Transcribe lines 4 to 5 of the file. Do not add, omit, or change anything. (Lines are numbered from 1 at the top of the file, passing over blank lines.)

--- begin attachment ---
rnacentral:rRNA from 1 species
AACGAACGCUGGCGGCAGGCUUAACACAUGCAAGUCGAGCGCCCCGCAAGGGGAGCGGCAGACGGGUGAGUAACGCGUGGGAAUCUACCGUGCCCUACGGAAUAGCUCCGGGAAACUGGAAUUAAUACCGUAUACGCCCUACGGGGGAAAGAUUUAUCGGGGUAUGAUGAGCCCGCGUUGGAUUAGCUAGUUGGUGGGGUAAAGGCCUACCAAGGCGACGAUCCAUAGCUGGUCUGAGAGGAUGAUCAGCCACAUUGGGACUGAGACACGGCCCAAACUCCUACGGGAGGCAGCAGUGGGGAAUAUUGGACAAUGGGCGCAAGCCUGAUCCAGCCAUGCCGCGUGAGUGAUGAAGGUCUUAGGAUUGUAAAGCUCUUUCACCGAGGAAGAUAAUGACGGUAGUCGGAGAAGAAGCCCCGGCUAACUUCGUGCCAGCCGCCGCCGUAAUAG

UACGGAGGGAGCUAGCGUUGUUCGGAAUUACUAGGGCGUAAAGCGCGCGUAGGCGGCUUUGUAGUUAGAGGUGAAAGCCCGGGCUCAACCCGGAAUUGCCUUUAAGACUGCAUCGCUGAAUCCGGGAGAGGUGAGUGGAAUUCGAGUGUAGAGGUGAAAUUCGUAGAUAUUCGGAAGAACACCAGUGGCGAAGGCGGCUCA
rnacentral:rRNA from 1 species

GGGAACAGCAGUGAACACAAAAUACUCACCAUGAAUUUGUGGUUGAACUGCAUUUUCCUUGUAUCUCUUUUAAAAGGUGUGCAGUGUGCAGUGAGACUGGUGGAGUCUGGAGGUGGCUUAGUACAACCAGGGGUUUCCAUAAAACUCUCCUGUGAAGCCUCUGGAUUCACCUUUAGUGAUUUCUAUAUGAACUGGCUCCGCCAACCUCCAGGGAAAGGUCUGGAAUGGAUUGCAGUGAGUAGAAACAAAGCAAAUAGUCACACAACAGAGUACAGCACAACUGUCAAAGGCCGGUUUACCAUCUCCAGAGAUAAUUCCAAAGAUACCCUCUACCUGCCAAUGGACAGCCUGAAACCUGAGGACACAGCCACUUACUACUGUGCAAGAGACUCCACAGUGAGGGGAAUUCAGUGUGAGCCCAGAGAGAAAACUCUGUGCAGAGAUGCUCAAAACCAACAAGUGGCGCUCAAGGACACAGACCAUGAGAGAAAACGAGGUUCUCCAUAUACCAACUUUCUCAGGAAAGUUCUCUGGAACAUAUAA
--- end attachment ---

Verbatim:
rnacentral:rRNA from 1 species

GGGAACAGCAGUGAACACAAAAUACUCACCAUGAAUUUGUGGUUGAACUGCAUUUUCCUUGUAUCUCUUUUAAAAGGUGUGCAGUGUGCAGUGAGACUGGUGGAGUCUGGAGGUGGCUUAGUACAACCAGGGGUUUCCAUAAAACUCUCCUGUGAAGCCUCUGGAUUCACCUUUAGUGAUUUCUAUAUGAACUGGCUCCGCCAACCUCCAGGGAAAGGUCUGGAAUGGAUUGCAGUGAGUAGAAACAAAGCAAAUAGUCACACAACAGAGUACAGCACAACUGUCAAAGGCCGGUUUACCAUCUCCAGAGAUAAUUCCAAAGAUACCCUCUACCUGCCAAUGGACAGCCUGAAACCUGAGGACACAGCCACUUACUACUGUGCAAGAGACUCCACAGUGAGGGGAAUUCAGUGUGAGCCCAGAGAGAAAACUCUGUGCAGAGAUGCUCAAAACCAACAAGUGGCGCUCAAGGACACAGACCAUGAGAGAAAACGAGGUUCUCCAUAUACCAACUUUCUCAGGAAAGUUCUCUGGAACAUAUAA